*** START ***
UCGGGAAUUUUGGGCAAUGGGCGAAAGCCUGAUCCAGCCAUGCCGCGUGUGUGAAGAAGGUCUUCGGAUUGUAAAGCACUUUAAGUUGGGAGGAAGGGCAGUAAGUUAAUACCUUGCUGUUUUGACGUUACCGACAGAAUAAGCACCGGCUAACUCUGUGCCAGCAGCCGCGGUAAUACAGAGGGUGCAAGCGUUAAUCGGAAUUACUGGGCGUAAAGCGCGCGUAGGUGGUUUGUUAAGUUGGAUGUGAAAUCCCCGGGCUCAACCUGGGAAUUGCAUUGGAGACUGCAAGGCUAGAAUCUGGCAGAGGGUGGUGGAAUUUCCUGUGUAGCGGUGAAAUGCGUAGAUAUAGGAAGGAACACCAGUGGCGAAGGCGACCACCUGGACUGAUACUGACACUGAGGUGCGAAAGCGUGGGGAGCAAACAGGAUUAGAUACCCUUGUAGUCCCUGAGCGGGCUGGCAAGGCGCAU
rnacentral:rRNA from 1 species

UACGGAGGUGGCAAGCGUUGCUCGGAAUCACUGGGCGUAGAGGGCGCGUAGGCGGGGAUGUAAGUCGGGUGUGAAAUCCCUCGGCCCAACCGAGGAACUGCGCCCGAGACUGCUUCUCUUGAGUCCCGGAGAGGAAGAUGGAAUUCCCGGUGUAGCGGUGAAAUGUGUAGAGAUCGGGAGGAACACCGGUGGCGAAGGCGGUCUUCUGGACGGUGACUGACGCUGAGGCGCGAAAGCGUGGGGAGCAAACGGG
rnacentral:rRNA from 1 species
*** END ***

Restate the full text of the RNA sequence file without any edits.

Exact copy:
UCGGGAAUUUUGGGCAAUGGGCGAAAGCCUGAUCCAGCCAUGCCGCGUGUGUGAAGAAGGUCUUCGGAUUGUAAAGCACUUUAAGUUGGGAGGAAGGGCAGUAAGUUAAUACCUUGCUGUUUUGACGUUACCGACAGAAUAAGCACCGGCUAACUCUGUGCCAGCAGCCGCGGUAAUACAGAGGGUGCAAGCGUUAAUCGGAAUUACUGGGCGUAAAGCGCGCGUAGGUGGUUUGUUAAGUUGGAUGUGAAAUCCCCGGGCUCAACCUGGGAAUUGCAUUGGAGACUGCAAGGCUAGAAUCUGGCAGAGGGUGGUGGAAUUUCCUGUGUAGCGGUGAAAUGCGUAGAUAUAGGAAGGAACACCAGUGGCGAAGGCGACCACCUGGACUGAUACUGACACUGAGGUGCGAAAGCGUGGGGAGCAAACAGGAUUAGAUACCCUUGUAGUCCCUGAGCGGGCUGGCAAGGCGCAU
rnacentral:rRNA from 1 species

UACGGAGGUGGCAAGCGUUGCUCGGAAUCACUGGGCGUAGAGGGCGCGUAGGCGGGGAUGUAAGUCGGGUGUGAAAUCCCUCGGCCCAACCGAGGAACUGCGCCCGAGACUGCUUCUCUUGAGUCCCGGAGAGGAAGAUGGAAUUCCCGGUGUAGCGGUGAAAUGUGUAGAGAUCGGGAGGAACACCGGUGGCGAAGGCGGUCUUCUGGACGGUGACUGACGCUGAGGCGCGAAAGCGUGGGGAGCAAACGGG
rnacentral:rRNA from 1 species